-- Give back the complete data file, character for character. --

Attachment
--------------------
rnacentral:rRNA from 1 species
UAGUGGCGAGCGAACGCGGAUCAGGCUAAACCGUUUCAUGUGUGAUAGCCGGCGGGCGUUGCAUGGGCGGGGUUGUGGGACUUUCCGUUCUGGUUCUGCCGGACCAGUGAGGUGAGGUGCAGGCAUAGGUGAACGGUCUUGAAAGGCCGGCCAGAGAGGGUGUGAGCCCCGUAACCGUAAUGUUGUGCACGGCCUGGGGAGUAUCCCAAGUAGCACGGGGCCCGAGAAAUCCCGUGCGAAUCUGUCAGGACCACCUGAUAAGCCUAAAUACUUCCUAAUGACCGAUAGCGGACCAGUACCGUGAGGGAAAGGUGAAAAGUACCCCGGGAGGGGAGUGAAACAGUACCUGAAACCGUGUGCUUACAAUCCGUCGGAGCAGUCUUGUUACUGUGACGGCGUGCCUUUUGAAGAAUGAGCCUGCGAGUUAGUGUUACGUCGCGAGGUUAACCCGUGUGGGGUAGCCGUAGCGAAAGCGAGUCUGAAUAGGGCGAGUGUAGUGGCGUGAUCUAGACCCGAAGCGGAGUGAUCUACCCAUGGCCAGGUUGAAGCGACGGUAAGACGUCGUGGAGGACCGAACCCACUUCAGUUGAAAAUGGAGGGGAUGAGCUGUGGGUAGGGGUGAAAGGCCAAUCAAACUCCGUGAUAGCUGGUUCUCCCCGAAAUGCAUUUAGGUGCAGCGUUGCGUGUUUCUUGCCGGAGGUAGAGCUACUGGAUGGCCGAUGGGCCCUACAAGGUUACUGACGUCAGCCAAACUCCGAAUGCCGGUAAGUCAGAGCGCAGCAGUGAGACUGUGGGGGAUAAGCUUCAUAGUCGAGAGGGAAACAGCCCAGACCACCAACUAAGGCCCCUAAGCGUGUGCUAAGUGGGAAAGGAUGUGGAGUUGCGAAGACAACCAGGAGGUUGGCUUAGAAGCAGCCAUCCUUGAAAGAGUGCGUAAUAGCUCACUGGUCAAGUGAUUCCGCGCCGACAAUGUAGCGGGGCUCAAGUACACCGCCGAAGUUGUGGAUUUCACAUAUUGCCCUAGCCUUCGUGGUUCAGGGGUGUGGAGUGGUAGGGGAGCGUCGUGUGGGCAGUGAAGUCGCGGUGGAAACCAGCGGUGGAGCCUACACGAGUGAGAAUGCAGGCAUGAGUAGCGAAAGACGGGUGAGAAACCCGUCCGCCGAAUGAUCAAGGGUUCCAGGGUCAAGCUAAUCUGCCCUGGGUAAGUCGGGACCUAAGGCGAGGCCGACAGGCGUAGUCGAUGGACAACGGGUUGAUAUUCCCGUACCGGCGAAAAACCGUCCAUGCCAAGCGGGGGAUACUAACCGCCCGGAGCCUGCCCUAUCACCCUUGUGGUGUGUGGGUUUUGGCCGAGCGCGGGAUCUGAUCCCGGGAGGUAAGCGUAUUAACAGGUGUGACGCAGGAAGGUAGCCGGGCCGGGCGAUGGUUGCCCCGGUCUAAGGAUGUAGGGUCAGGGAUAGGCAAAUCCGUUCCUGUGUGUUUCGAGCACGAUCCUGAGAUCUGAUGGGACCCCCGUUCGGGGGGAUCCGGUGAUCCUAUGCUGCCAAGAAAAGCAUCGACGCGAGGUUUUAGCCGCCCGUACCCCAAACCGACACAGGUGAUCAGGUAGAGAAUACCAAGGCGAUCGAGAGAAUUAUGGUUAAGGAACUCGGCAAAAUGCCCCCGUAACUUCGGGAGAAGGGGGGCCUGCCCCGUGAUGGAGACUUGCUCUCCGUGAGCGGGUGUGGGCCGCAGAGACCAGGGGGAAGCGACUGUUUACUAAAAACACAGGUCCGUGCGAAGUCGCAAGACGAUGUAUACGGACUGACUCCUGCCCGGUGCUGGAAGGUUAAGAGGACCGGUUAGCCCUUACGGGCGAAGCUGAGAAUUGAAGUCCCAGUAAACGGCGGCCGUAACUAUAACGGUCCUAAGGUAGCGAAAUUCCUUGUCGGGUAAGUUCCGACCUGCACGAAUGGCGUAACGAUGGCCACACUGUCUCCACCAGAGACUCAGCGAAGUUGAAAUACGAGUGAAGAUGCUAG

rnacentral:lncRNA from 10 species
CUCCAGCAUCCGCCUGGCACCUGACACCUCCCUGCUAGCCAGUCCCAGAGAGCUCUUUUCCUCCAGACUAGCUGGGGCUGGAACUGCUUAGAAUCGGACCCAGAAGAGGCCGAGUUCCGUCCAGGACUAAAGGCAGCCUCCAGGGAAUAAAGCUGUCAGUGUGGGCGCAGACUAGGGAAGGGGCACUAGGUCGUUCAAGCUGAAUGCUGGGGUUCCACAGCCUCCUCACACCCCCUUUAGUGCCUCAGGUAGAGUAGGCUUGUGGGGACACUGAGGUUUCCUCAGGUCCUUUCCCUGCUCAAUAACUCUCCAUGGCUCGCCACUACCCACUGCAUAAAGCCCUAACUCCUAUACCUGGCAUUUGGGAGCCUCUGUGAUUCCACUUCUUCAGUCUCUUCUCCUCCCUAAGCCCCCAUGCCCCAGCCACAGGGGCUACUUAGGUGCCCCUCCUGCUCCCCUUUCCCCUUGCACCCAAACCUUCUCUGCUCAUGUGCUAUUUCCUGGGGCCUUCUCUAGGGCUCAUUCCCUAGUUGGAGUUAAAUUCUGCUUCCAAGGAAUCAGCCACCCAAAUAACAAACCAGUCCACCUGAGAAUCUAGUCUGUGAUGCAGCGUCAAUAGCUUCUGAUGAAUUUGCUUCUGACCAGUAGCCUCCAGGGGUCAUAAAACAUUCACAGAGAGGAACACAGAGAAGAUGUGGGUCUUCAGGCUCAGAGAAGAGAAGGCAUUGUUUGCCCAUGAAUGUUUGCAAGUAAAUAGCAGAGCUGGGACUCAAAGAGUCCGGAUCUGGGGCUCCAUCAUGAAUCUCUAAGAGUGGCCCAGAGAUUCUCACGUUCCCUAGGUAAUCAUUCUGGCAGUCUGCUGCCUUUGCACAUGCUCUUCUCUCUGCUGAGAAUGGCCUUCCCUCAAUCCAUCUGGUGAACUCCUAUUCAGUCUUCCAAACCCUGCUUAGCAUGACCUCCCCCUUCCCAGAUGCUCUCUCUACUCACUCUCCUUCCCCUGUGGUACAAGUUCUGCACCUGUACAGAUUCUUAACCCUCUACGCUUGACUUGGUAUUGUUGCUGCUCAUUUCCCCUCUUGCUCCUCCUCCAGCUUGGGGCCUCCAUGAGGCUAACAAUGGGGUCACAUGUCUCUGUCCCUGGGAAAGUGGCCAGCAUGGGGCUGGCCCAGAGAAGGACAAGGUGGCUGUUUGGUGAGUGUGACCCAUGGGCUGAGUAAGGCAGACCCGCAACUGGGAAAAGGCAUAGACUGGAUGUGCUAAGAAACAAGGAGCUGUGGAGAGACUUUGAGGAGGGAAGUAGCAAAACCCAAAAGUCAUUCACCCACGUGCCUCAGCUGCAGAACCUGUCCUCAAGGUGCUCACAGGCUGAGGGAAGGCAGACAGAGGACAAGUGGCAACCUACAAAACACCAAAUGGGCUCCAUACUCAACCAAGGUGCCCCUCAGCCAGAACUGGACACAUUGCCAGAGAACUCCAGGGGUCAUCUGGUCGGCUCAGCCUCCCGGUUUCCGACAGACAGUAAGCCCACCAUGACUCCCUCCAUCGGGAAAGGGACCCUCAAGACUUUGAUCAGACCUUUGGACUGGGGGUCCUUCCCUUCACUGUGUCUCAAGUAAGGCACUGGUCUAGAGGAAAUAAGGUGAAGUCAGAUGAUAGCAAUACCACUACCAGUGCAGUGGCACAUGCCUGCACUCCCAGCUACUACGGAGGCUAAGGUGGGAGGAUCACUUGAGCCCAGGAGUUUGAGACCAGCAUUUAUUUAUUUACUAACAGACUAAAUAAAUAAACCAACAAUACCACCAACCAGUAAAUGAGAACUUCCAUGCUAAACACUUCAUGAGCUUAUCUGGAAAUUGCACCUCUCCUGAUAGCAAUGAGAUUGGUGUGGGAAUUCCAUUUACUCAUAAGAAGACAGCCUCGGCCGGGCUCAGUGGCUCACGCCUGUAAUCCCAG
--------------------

rnacentral:rRNA from 1 species
UAGUGGCGAGCGAACGCGGAUCAGGCUAAACCGUUUCAUGUGUGAUAGCCGGCGGGCGUUGCAUGGGCGGGGUUGUGGGACUUUCCGUUCUGGUUCUGCCGGACCAGUGAGGUGAGGUGCAGGCAUAGGUGAACGGUCUUGAAAGGCCGGCCAGAGAGGGUGUGAGCCCCGUAACCGUAAUGUUGUGCACGGCCUGGGGAGUAUCCCAAGUAGCACGGGGCCCGAGAAAUCCCGUGCGAAUCUGUCAGGACCACCUGAUAAGCCUAAAUACUUCCUAAUGACCGAUAGCGGACCAGUACCGUGAGGGAAAGGUGAAAAGUACCCCGGGAGGGGAGUGAAACAGUACCUGAAACCGUGUGCUUACAAUCCGUCGGAGCAGUCUUGUUACUGUGACGGCGUGCCUUUUGAAGAAUGAGCCUGCGAGUUAGUGUUACGUCGCGAGGUUAACCCGUGUGGGGUAGCCGUAGCGAAAGCGAGUCUGAAUAGGGCGAGUGUAGUGGCGUGAUCUAGACCCGAAGCGGAGUGAUCUACCCAUGGCCAGGUUGAAGCGACGGUAAGACGUCGUGGAGGACCGAACCCACUUCAGUUGAAAAUGGAGGGGAUGAGCUGUGGGUAGGGGUGAAAGGCCAAUCAAACUCCGUGAUAGCUGGUUCUCCCCGAAAUGCAUUUAGGUGCAGCGUUGCGUGUUUCUUGCCGGAGGUAGAGCUACUGGAUGGCCGAUGGGCCCUACAAGGUUACUGACGUCAGCCAAACUCCGAAUGCCGGUAAGUCAGAGCGCAGCAGUGAGACUGUGGGGGAUAAGCUUCAUAGUCGAGAGGGAAACAGCCCAGACCACCAACUAAGGCCCCUAAGCGUGUGCUAAGUGGGAAAGGAUGUGGAGUUGCGAAGACAACCAGGAGGUUGGCUUAGAAGCAGCCAUCCUUGAAAGAGUGCGUAAUAGCUCACUGGUCAAGUGAUUCCGCGCCGACAAUGUAGCGGGGCUCAAGUACACCGCCGAAGUUGUGGAUUUCACAUAUUGCCCUAGCCUUCGUGGUUCAGGGGUGUGGAGUGGUAGGGGAGCGUCGUGUGGGCAGUGAAGUCGCGGUGGAAACCAGCGGUGGAGCCUACACGAGUGAGAAUGCAGGCAUGAGUAGCGAAAGACGGGUGAGAAACCCGUCCGCCGAAUGAUCAAGGGUUCCAGGGUCAAGCUAAUCUGCCCUGGGUAAGUCGGGACCUAAGGCGAGGCCGACAGGCGUAGUCGAUGGACAACGGGUUGAUAUUCCCGUACCGGCGAAAAACCGUCCAUGCCAAGCGGGGGAUACUAACCGCCCGGAGCCUGCCCUAUCACCCUUGUGGUGUGUGGGUUUUGGCCGAGCGCGGGAUCUGAUCCCGGGAGGUAAGCGUAUUAACAGGUGUGACGCAGGAAGGUAGCCGGGCCGGGCGAUGGUUGCCCCGGUCUAAGGAUGUAGGGUCAGGGAUAGGCAAAUCCGUUCCUGUGUGUUUCGAGCACGAUCCUGAGAUCUGAUGGGACCCCCGUUCGGGGGGAUCCGGUGAUCCUAUGCUGCCAAGAAAAGCAUCGACGCGAGGUUUUAGCCGCCCGUACCCCAAACCGACACAGGUGAUCAGGUAGAGAAUACCAAGGCGAUCGAGAGAAUUAUGGUUAAGGAACUCGGCAAAAUGCCCCCGUAACUUCGGGAGAAGGGGGGCCUGCCCCGUGAUGGAGACUUGCUCUCCGUGAGCGGGUGUGGGCCGCAGAGACCAGGGGGAAGCGACUGUUUACUAAAAACACAGGUCCGUGCGAAGUCGCAAGACGAUGUAUACGGACUGACUCCUGCCCGGUGCUGGAAGGUUAAGAGGACCGGUUAGCCCUUACGGGCGAAGCUGAGAAUUGAAGUCCCAGUAAACGGCGGCCGUAACUAUAACGGUCCUAAGGUAGCGAAAUUCCUUGUCGGGUAAGUUCCGACCUGCACGAAUGGCGUAACGAUGGCCACACUGUCUCCACCAGAGACUCAGCGAAGUUGAAAUACGAGUGAAGAUGCUAG

rnacentral:lncRNA from 10 species
CUCCAGCAUCCGCCUGGCACCUGACACCUCCCUGCUAGCCAGUCCCAGAGAGCUCUUUUCCUCCAGACUAGCUGGGGCUGGAACUGCUUAGAAUCGGACCCAGAAGAGGCCGAGUUCCGUCCAGGACUAAAGGCAGCCUCCAGGGAAUAAAGCUGUCAGUGUGGGCGCAGACUAGGGAAGGGGCACUAGGUCGUUCAAGCUGAAUGCUGGGGUUCCACAGCCUCCUCACACCCCCUUUAGUGCCUCAGGUAGAGUAGGCUUGUGGGGACACUGAGGUUUCCUCAGGUCCUUUCCCUGCUCAAUAACUCUCCAUGGCUCGCCACUACCCACUGCAUAAAGCCCUAACUCCUAUACCUGGCAUUUGGGAGCCUCUGUGAUUCCACUUCUUCAGUCUCUUCUCCUCCCUAAGCCCCCAUGCCCCAGCCACAGGGGCUACUUAGGUGCCCCUCCUGCUCCCCUUUCCCCUUGCACCCAAACCUUCUCUGCUCAUGUGCUAUUUCCUGGGGCCUUCUCUAGGGCUCAUUCCCUAGUUGGAGUUAAAUUCUGCUUCCAAGGAAUCAGCCACCCAAAUAACAAACCAGUCCACCUGAGAAUCUAGUCUGUGAUGCAGCGUCAAUAGCUUCUGAUGAAUUUGCUUCUGACCAGUAGCCUCCAGGGGUCAUAAAACAUUCACAGAGAGGAACACAGAGAAGAUGUGGGUCUUCAGGCUCAGAGAAGAGAAGGCAUUGUUUGCCCAUGAAUGUUUGCAAGUAAAUAGCAGAGCUGGGACUCAAAGAGUCCGGAUCUGGGGCUCCAUCAUGAAUCUCUAAGAGUGGCCCAGAGAUUCUCACGUUCCCUAGGUAAUCAUUCUGGCAGUCUGCUGCCUUUGCACAUGCUCUUCUCUCUGCUGAGAAUGGCCUUCCCUCAAUCCAUCUGGUGAACUCCUAUUCAGUCUUCCAAACCCUGCUUAGCAUGACCUCCCCCUUCCCAGAUGCUCUCUCUACUCACUCUCCUUCCCCUGUGGUACAAGUUCUGCACCUGUACAGAUUCUUAACCCUCUACGCUUGACUUGGUAUUGUUGCUGCUCAUUUCCCCUCUUGCUCCUCCUCCAGCUUGGGGCCUCCAUGAGGCUAACAAUGGGGUCACAUGUCUCUGUCCCUGGGAAAGUGGCCAGCAUGGGGCUGGCCCAGAGAAGGACAAGGUGGCUGUUUGGUGAGUGUGACCCAUGGGCUGAGUAAGGCAGACCCGCAACUGGGAAAAGGCAUAGACUGGAUGUGCUAAGAAACAAGGAGCUGUGGAGAGACUUUGAGGAGGGAAGUAGCAAAACCCAAAAGUCAUUCACCCACGUGCCUCAGCUGCAGAACCUGUCCUCAAGGUGCUCACAGGCUGAGGGAAGGCAGACAGAGGACAAGUGGCAACCUACAAAACACCAAAUGGGCUCCAUACUCAACCAAGGUGCCCCUCAGCCAGAACUGGACACAUUGCCAGAGAACUCCAGGGGUCAUCUGGUCGGCUCAGCCUCCCGGUUUCCGACAGACAGUAAGCCCACCAUGACUCCCUCCAUCGGGAAAGGGACCCUCAAGACUUUGAUCAGACCUUUGGACUGGGGGUCCUUCCCUUCACUGUGUCUCAAGUAAGGCACUGGUCUAGAGGAAAUAAGGUGAAGUCAGAUGAUAGCAAUACCACUACCAGUGCAGUGGCACAUGCCUGCACUCCCAGCUACUACGGAGGCUAAGGUGGGAGGAUCACUUGAGCCCAGGAGUUUGAGACCAGCAUUUAUUUAUUUACUAACAGACUAAAUAAAUAAACCAACAAUACCACCAACCAGUAAAUGAGAACUUCCAUGCUAAACACUUCAUGAGCUUAUCUGGAAAUUGCACCUCUCCUGAUAGCAAUGAGAUUGGUGUGGGAAUUCCAUUUACUCAUAAGAAGACAGCCUCGGCCGGGCUCAGUGGCUCACGCCUGUAAUCCCAG